Excerpts of the President's News Conference
I am expecting to go down to review the Fleet, as the press already knows. I have conferred with the Secretary of the Navy this morning about making arrangements to take care of the press. They will be taken out from some appropriate point and either stay on the boat that takes them out or go on one of the battleships. I use battleship only in a general term—one of the ships of the Fleet that will be located at that point to give them every possible assistance in properly reporting the review. I hope we may have good weather and that the press anticipates the enjoyment of it as much as I do.
Here are two or three questions that perhaps could be answered more desirably by reference to Mr. Slemp's book—what is the title of that?
PRESS: The Mind of the President.
PRESIDENT: The Class is perfect.
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I haven't seen the Goldsmith open letter which is said to have been addressed to me and which has been published in Canada. Without criticising in any way the writing and publishing of letters of that kind in foreign countries—it is perfectly proper, our own citizens do it here and citizens of other countries can very properly do that in their own lands—I think some of you recall that Clemenceau wrote a letter of that kind either last summer or two years ago, but it isn't possible for the President to make public comment on letters of that kind. I assume that it has something to do about our Government. But we have official methods of communication with the governments of other countries and it is necessary for the President to keep within that bound, to carry on our diplomatic intercourse through duly appointed representatives, rather than to undertake to guide it through statements given to the press.
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I knew that some parties in New York, I think one of them is Professor Shotwell, are making a study of a possible treaty to be negotiated between this country and other countries on the subject which is generally referred to as outlawing war, and I had directed that they take the matter up with the State Department, which I think is being done. I wouldn't want to hazard any definite comment on it until I find out from the State Department just what is being proposed and what the view of the State Department may be. I have referred to that subject several times in my messages to the Congress. It is one which I have been very glad to observe is being studied and which I should be very much pleased to find had been put into a practicable form.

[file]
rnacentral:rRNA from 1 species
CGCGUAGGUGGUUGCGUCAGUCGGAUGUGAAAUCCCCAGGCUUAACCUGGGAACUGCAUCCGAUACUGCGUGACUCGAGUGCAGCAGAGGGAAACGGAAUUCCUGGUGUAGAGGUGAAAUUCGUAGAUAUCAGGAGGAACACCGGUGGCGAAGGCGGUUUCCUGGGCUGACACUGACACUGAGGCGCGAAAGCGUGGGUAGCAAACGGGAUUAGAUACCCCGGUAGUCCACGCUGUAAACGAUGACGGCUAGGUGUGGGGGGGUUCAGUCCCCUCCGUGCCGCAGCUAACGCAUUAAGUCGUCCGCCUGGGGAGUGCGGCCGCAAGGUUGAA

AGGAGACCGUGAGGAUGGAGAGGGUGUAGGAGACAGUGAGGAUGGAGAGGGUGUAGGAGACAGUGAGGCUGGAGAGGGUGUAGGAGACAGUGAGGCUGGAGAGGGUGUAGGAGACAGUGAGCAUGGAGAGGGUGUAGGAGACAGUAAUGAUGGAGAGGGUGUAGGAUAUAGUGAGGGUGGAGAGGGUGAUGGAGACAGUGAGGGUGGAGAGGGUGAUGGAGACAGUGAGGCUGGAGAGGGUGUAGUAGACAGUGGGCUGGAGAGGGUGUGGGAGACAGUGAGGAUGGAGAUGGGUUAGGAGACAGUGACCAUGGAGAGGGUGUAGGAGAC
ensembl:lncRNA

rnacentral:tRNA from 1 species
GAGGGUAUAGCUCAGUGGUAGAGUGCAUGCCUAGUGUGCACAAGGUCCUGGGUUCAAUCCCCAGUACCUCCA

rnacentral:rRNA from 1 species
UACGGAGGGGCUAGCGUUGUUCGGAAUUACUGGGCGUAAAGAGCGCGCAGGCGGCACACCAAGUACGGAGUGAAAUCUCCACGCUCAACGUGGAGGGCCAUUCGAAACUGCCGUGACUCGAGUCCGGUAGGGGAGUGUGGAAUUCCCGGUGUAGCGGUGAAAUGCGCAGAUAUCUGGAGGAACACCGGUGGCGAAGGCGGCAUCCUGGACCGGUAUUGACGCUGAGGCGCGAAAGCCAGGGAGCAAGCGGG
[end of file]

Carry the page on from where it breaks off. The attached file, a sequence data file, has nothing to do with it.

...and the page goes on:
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I do not think any movements of Marines in China of any considerable extent are contemplated. Our main base now is at Shanghai. We may send some more Marines to Tientsin. That will depend on developments in north China and whether we think that our Legation and our Diplomatic and Consular representatives in that locality and the American interests there are in any peril. We have in general contemplation that we should remove the Legation from Peking if any general disorder develops in that neighborhood, because that is a long ways from the coast, comparatively over there, difficult of access, and therefore difficult to protect. It would be very much easier to take care of our interests if our Embassy and the people connected with it—I mean the Legation—was brought down where it would have better access to the sea.
PRESS: Can you say where the Peking Legation may be moved to?
PRESIDENT: I can't say yet. May possibly go to Shanghai, or some other location.
Source: "The Talkative President: The Off-the-Record Press Conferences of Calvin Coolidge". eds. Howard H. Quint & Robert H. Ferrell. The University Massachusetts Press. 1964.
Calvin Coolidge, Excerpts of the President's News Conference Online by Gerhard Peters and John T. Woolley, The American Presidency Project https://www.presidency.ucsb.edu/node/349191